1997–1998 Czech political crisis

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Czech political crisis in 1997–1998 started as a result of irregularities in finances of Civic Democratic Party (ODS). It peaked with so-called Sarajevo atentate, an attempt to remove Václav Klaus from leadership of Civic Democratic Party. The attempt occurred during Klaus' visit in Sarajevo. [1] Crisis led to split in ODS and snap election in 1998. [2]

History

Civic Democratic Party (ODS) led by Václav Klaus won 1996 legislative election but its coalition with Civic Democratic Alliance and Christian and Democratic Union – Czechoslovak People's Party was short of majority by one seat. Coalition then formed minority cabinet tolerated by Czech Social Democratic Party. Instability of government also worsened with economical problems of the country. Annual report of finances for 1995 showed that biggest sponsors of ODS are Lajos Bács a Radjiv M. Sinha. These names were revealed to be fictional and speculations that Milan Šrejber is the real sponsor behind these names showed up in media. Šrejber privatised Třinec Iron and Steel Works. These speculations were revealed to be true. Deputy CHairman of ODS Libor Novák accepted responsibility for the irregularities. Mladá Fronta Dnes informed on 28 November 1997 that ODS has a secret bank account in Switzerland. Josef Zieleniec then stepped down as Deputy Chairman of ODS and from position of Minister of Foreign affairs. [2]

Civic Democratic Alliance and Christian and Democratic Union – Czechoslovak People's Party then left the government. Government ministers of ODS Jan Ruml and Ivan Pilip publicly appealed to Václav Klaus to step down as a leader of ODS. Klaus was at the time in Sarajevo. [1] Klaus himself called their actions Sarajevo atentate which referred to the assassination of Archduke Franz Ferdinand of Austria. This helped Klaus to interpret the situation in his favor. [3]

When Klaus returned from Sarajevo, he resigned as Prime Minister. This led to appointment of interim government. Klaus remained as leader of ODS. [1] Civic Democrats held leadership election on 14 December 1997. Jan Ruml decided to run against Klaus. Klaus won by very large margin and remained leader of the Civic Democratic Party. [4]

Ruml's and Pilip's wing then left the party and on 17 January 1998 formed Freedom Union (US). US quickly became second strongest party according to polls having more than 10%. Poll by STEM had Freedom Union on 18% while Civic Democrats would receive only 8%. Remains of ODS united behind Klaus who was during campaign for snap election in June presented as the only strong leader of Czech right. ODS then received 28% during the election which was above expectations. On the other hand, received 8.6% of votes. Czech Social Democratic Party won the election but was unable to form majority government. Klaus then signed Opposition Agreement with Social Democratic leader Miloš Zeman. Zeman became the new Prime Minister supported by Civic Democrats. Klaus became Speaker of Chamber of Deputies of the Czech Republic. Opposition Agreement allowed ODS to participate in management of the country. [5] [6]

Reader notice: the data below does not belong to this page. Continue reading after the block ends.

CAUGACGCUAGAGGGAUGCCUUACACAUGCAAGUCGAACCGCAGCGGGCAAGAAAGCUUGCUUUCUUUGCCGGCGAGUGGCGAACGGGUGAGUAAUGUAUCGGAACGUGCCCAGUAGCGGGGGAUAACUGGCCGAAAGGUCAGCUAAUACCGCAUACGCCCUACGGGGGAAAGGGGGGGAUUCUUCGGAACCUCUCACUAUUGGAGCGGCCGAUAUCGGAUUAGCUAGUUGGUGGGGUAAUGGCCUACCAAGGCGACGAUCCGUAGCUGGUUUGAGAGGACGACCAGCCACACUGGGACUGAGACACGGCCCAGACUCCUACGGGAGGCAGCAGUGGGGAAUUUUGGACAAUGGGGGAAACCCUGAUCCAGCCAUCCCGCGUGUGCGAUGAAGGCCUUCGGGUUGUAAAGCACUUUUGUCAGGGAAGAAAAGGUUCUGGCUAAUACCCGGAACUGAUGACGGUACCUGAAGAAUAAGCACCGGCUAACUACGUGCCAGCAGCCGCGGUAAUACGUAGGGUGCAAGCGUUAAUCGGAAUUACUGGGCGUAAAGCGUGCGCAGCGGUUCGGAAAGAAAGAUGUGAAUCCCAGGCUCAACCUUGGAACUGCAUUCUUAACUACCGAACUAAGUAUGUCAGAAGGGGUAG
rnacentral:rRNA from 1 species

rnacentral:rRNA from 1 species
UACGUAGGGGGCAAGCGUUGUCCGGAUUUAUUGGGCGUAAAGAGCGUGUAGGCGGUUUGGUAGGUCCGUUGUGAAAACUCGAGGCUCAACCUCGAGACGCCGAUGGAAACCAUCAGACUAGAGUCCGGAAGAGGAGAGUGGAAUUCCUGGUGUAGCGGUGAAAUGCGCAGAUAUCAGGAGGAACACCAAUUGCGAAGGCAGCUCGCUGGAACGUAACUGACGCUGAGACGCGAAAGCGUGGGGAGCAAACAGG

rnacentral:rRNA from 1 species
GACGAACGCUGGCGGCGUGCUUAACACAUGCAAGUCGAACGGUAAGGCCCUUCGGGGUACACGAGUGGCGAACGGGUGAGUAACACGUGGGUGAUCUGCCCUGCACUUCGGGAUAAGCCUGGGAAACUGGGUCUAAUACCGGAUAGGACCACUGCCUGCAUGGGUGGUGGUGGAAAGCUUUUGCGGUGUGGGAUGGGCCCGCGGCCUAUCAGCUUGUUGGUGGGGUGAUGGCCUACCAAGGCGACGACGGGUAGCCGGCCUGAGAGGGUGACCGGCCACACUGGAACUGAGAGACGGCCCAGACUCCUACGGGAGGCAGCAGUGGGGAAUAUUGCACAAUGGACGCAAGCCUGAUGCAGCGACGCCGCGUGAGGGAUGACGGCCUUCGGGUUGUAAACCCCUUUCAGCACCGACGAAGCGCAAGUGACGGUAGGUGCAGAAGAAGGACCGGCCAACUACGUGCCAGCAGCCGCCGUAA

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References

  1. 1 2 3 televize, Česká. "Tzv. "sarajevský atentát" odstartoval zatím největší politickou krizi v ČR". ČT24 (in Czech). Retrieved 2 July 2017.
  2. 1 2 "Podvody v ODS vedly v 1997 k rozpadu strany a nástupu ČSSD". Zprávy E15.cz. Retrieved 2 July 2017.
  3. "Sarajevo: deset let od nezdařeného atentátu". iDNES.cz. 29 November 2007. Retrieved 2 July 2017.
  4. "Volba předsedy ODS v historii: jednoznačná záležitost". TN.Nova.cz (in Czech). 20 June 2010. Retrieved 2 July 2017.
  5. Fawn, Rick (2000). The Czech Republic: A Nation of Velvet. Harwood Academic. pp. 70–77.
  6. "Kampaň k volbám do Poslanecké sněmovny 1998". IPM (in Czech). Retrieved 2 July 2017.